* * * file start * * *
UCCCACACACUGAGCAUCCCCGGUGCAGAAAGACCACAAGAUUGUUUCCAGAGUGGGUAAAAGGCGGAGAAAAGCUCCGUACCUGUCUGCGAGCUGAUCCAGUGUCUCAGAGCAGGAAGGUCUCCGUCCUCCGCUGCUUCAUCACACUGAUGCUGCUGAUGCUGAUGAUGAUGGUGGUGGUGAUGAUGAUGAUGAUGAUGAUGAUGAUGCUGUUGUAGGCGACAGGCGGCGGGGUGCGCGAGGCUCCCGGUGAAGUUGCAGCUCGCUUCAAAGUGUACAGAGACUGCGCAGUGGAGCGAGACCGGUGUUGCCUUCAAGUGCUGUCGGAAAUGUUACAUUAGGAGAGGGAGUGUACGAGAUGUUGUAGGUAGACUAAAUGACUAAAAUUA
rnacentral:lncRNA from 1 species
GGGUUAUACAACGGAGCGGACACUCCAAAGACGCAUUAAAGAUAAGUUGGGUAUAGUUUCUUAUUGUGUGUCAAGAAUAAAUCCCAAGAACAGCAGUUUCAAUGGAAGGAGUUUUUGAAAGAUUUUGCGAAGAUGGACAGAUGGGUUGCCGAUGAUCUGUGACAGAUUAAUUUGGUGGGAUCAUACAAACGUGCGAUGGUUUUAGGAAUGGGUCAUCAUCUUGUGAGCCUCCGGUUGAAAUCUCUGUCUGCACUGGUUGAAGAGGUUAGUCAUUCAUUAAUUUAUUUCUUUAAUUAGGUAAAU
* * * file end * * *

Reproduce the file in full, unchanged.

UCCCACACACUGAGCAUCCCCGGUGCAGAAAGACCACAAGAUUGUUUCCAGAGUGGGUAAAAGGCGGAGAAAAGCUCCGUACCUGUCUGCGAGCUGAUCCAGUGUCUCAGAGCAGGAAGGUCUCCGUCCUCCGCUGCUUCAUCACACUGAUGCUGCUGAUGCUGAUGAUGAUGGUGGUGGUGAUGAUGAUGAUGAUGAUGAUGAUGAUGCUGUUGUAGGCGACAGGCGGCGGGGUGCGCGAGGCUCCCGGUGAAGUUGCAGCUCGCUUCAAAGUGUACAGAGACUGCGCAGUGGAGCGAGACCGGUGUUGCCUUCAAGUGCUGUCGGAAAUGUUACAUUAGGAGAGGGAGUGUACGAGAUGUUGUAGGUAGACUAAAUGACUAAAAUUA
rnacentral:lncRNA from 1 species
GGGUUAUACAACGGAGCGGACACUCCAAAGACGCAUUAAAGAUAAGUUGGGUAUAGUUUCUUAUUGUGUGUCAAGAAUAAAUCCCAAGAACAGCAGUUUCAAUGGAAGGAGUUUUUGAAAGAUUUUGCGAAGAUGGACAGAUGGGUUGCCGAUGAUCUGUGACAGAUUAAUUUGGUGGGAUCAUACAAACGUGCGAUGGUUUUAGGAAUGGGUCAUCAUCUUGUGAGCCUCCGGUUGAAAUCUCUGUCUGCACUGGUUGAAGAGGUUAGUCAUUCAUUAAUUUAUUUCUUUAAUUAGGUAAAU